LOS ANGELES (CBSLA.com) — A map released by the U.S. Drought monitor map Thursday shows just four California counties remain in extreme drought after last week’s barrage of rain and snow.
The map, dated Jan. 24, shows a large swath of Ventura County remains in extreme drought, along with the northern corner of Los Angeles County, a southern sliver of Kern County, and a southeastern portion of Santa Barbara.
A map of the same week last year shows the majority of California’s counties in exceptional or extreme drought.
“This improvement accounts for some short-term drought improvement, but the longer-term drought impacts still remain,” a statement from the National Weather Service said. “Surface water reservoirs and groundwater aquifers in some areas are still showing impacts of the drought and will take longer to recover.
A series of powerful storms have brought plenty of rain and snow to California as it faced a sixth year of unprecedented drought. The average snowpack this year is almost twice normal for late January, according to the U.S. Drought Monitor, and somewhat more than twice normal in the southern Sierra Nevada.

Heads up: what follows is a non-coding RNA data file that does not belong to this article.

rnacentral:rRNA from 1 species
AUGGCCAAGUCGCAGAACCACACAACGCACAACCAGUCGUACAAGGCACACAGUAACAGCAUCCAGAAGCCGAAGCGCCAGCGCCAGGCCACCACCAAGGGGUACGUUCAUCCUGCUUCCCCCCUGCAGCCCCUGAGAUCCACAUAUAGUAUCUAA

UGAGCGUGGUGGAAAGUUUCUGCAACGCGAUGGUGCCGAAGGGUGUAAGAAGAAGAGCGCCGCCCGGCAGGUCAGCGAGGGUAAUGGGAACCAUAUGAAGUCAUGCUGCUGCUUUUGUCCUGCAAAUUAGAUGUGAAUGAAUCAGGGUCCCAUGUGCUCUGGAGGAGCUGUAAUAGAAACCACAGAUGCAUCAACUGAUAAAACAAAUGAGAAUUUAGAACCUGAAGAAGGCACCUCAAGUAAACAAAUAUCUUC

This month was also the wettest ever observed in 112 years of record, according to the San Joaquin precipitation index.
But experts say this month’s rainfall is simply short-term relief, in the grand scheme of things.
“I think we need to have another year like this following it to see the drought completely go away in Southern California,” NWS hydrologist Jayme Labor said.